Where do entrepreneurship ecosystems come from? Are they historical accidents or does someone create them? During Democracy That Delivers for Entrepreneurs in Chicago, April 9-10, expert panelists shared their insights into the rise of ecosystems…

Entrepreneurship springs from the grass roots. That’s the beauty of the phenomenon. Entrepreneurs dream up solutions that no one else does and then take initiative to give them life. As SRAM founder F.K. Day remarked, entrepreneurs need an enabling infrastructure but also should be allowed to thrive. Give them some air. Build solutions from the ground up.

A market economy functions on the basis of clear rules. Aurelio Concheso explained how reasonable, predictable rules allow entrepreneurs to go about their business. We must watch that rules are not slanted toward those who are already in the system, or else small entrepreneurs will drift into informality. The fascinating thing is that today’s informal economies evolve into tomorrow’s formal systems, so it is necessary to find mechanisms that provide access to modern markets.

An ecosystem feeds on knowledge. Entrepreneurship isn’t really about business startups or new technologies. It’s about making the connections across disciplines. Economists point to the knowledge spillover effects of entrepreneurship (Zoltán Ács et al.). These spillovers and connections may flourish in a democracy, where, as Linda Darragh noted, people can interact and learn from others who are different from them. Entrepreneurs benefit from the wisdom of others who have gone before and can avoid repeating the same mistakes (Day).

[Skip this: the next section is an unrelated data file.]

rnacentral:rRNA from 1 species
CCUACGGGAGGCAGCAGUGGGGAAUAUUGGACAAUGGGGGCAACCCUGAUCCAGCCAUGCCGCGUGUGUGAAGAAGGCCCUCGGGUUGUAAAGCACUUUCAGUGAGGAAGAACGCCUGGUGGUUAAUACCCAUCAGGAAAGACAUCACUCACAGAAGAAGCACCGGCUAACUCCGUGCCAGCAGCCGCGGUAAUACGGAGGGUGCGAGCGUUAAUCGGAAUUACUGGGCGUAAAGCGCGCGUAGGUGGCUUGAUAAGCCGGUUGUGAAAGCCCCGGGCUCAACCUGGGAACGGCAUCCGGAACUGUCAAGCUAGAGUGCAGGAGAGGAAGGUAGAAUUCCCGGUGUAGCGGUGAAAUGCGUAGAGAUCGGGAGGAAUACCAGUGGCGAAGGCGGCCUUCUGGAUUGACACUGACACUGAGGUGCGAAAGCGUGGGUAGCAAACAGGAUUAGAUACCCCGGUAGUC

Communities support entrepreneurship. Brad Feld has written about this in Startup Communities. We can look beyond entrepreneurs’ networks, though, to the cultivation of active citizenship. Dr. Jesus Estanislao, recipient of the Hernando de Soto Award, stressed the importance of tapping community spirit and aligning citizen initiatives to build entrepreneurial cities. As a start, Darragh recommended building communities one issue at a time, bringing like-minded people together.

Kim Bettcher

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CIPE Entrepreneurship Update

Washington, DC – CIPE released a new guidebook on youth entrepreneurship programs for chambers of commerce and business associations. Chambers of commerce and business associations play a pivotal role in supporting entrepreneurship; they are uniquely positioned between governments looking to create economic growth and the private sector desire to develop a new generation of employees. This new guidebook is a resource for chambers of commerce, associations, and other business-oriented groups seeking to address some of the obstacles that young people face as they attempt to enter the economy in their communities. By sharing practical lessons from around the world, it serves as a guide to develop or expand successful youth entrepreneurship and employment programs. Download a copy of the newly released Guide to Youth Entrepreneurship Programs for Chambers of Commerce and Business Associations or read more about it on the CIPE Development Blog.